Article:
In Freedom is a Constant Struggle: Ferguson, Palestine, and the Foundations of a Movement, Angela Davis writes about the Black radical tradition and its long history of solidarity with the Palestinian people. Davis writes, “the Black radical tradition is related not simply to Black people but to all people who are struggling for freedom.”
Activists in Palestine connected with Black freedom fighters during the Ferguson uprising in August 2014. Through social media, they shared strategies for dealing with technologies of state violence like tear gas, breathing life into a fierce alliance of struggle that goes back decades.
The Black Panther Party (BPP) conceptualized Black Americans as a ‘colonized people within a colony’ and saw natural links to the occupied people in Palestine. Huey P. Newton, a key leader of the Panthers, connected the Black struggle to anti-colonial movements in Algeria and Vietnam. Newton wrote that the Panthers “support the Palestinians just struggle for liberation one hundred percent.”
The Black Power movement was, indeed, a fierce supporter of the Palestinian liberation struggle. Stokley Carmichael’s Student Non-Violent Coordinating Committee (SNCC) declared its “unreserved support for the self-determination of the Palestinian people.” Black freedom fighters today pick up right where the Black Power movement of the 1960s and 1970s left off.
In a Vision for Black Lives, a political platform drafted by the Movement for Black Lives, Black activists declared their solidarity with Palestine. They called Israel an “apartheid state,” perpetuating genocide on the Palestinian people with unconditional economic support from the United States.
Black uprisings from Ferguson to Minneapolis laid the groundwork for seismic shifts in political consciousness. They paved the way for a change in the realm of possibilities about abolition for the political mainstream. The demand to defund, demilitarize, and dismantle carceral institutions like the police was an organized intervention by Black activists and their collaborators against structures of racism. This decades-long demand was reestablished through a renewal of Black activism after the killing of Treyvon Martin.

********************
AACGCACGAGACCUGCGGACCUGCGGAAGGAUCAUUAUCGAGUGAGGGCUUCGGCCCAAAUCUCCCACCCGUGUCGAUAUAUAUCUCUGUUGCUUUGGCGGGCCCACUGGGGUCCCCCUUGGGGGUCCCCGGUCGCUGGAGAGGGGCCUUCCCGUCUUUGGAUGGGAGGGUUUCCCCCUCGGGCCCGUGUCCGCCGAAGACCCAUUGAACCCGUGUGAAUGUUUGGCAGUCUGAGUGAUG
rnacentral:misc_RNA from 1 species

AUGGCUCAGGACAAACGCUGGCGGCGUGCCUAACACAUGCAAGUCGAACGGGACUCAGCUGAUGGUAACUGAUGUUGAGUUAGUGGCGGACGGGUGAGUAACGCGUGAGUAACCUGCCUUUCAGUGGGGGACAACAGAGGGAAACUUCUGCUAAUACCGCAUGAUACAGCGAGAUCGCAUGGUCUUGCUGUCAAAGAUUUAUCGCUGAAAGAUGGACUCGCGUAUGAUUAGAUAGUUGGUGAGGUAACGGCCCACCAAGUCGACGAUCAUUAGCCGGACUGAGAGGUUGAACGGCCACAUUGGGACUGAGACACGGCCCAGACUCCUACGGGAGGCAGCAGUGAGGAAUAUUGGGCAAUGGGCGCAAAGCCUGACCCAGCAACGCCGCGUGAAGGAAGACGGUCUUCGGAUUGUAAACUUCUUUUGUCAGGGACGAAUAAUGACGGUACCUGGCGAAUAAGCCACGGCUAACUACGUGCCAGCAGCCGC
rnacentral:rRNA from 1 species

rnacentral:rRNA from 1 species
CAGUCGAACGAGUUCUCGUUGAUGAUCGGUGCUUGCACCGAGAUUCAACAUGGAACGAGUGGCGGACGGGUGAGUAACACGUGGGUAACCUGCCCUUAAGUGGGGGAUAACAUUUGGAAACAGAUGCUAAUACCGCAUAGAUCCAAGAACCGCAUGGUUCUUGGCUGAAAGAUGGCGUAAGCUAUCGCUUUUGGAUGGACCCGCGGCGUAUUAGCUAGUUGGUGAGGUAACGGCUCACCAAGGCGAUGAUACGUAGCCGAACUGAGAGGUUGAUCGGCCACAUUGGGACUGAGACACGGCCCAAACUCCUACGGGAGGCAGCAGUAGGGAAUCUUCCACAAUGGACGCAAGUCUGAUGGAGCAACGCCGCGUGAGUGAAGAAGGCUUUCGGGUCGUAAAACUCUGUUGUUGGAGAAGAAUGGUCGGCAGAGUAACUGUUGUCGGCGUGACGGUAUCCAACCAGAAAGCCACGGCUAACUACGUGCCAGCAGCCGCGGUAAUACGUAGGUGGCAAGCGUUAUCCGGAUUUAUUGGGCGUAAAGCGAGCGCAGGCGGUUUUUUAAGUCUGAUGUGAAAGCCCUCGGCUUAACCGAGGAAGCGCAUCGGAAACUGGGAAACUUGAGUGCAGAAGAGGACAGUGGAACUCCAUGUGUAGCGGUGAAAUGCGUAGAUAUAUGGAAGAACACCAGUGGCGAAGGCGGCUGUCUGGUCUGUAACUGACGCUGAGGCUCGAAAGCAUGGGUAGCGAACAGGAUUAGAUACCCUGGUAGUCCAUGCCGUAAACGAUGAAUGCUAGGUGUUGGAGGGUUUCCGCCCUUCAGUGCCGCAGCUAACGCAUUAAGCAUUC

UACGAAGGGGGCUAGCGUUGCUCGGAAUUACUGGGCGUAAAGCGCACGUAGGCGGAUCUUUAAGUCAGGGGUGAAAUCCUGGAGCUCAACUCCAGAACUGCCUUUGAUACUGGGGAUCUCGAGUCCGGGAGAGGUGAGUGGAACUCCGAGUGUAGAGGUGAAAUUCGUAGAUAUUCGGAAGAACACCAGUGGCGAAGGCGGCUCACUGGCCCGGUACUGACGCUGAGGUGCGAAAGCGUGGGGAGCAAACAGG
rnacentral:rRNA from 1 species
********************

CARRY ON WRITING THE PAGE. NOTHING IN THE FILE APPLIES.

During last summer’s uprising, the Boycotts Divestments and Sanctions National Committee (BNC) issued a principled solidarity statement:
“To our Black brothers and sisters, your resilience in the face of brutal dehumanization is a source of inspiration to our own struggle against Israel’s regime of occupation, settler-colonialism and apartheid.”
The BNC called on the Palestinian solidarity movement to stand with the Movement for Black Lives. The BNC, a broad Palestinian civil society coalition representing over 170 Palestinian organizations, supported the calls for defunding and demilitarizing the police and putting resources back into community-led health and safety. The BNC statement exposed interlocking systems of state violence: “The US justifies and advances the global war on terror via its alliance with Israel and is complicit in the genocide taking place against the Palestinian people.”
Abolitionists like Rajean Hoilett, a leading organizer of the Toronto Prisoners Rights Project (TPRP), sheds light on the connections between the murder of Black peoples by US and Canadian police forces and the training they receive from Israel. He writes:
“Prisons and jails are a by-product of white supremacy, colonialism and imperialism. These same oppressive forces underpin the Israeli settler-colonial project, and long as Palestinians live under apartheid, our demands for abolition will remain unrealized.”
The Palestine moment
The uprising against the police execution of George Floyd radicalized a new generation of people that see the link between systems of settler-colonial violence across borders.
We are in a moment where there is a renewed relationship between oppressed peoples worldwide. A reckoning of abolition and apartheid is a prerequisite for any serious conversation about Black freedom, just as it is for Palestinian liberation from the Jordan river to the Mediterranean Sea. Now, there is no turning back.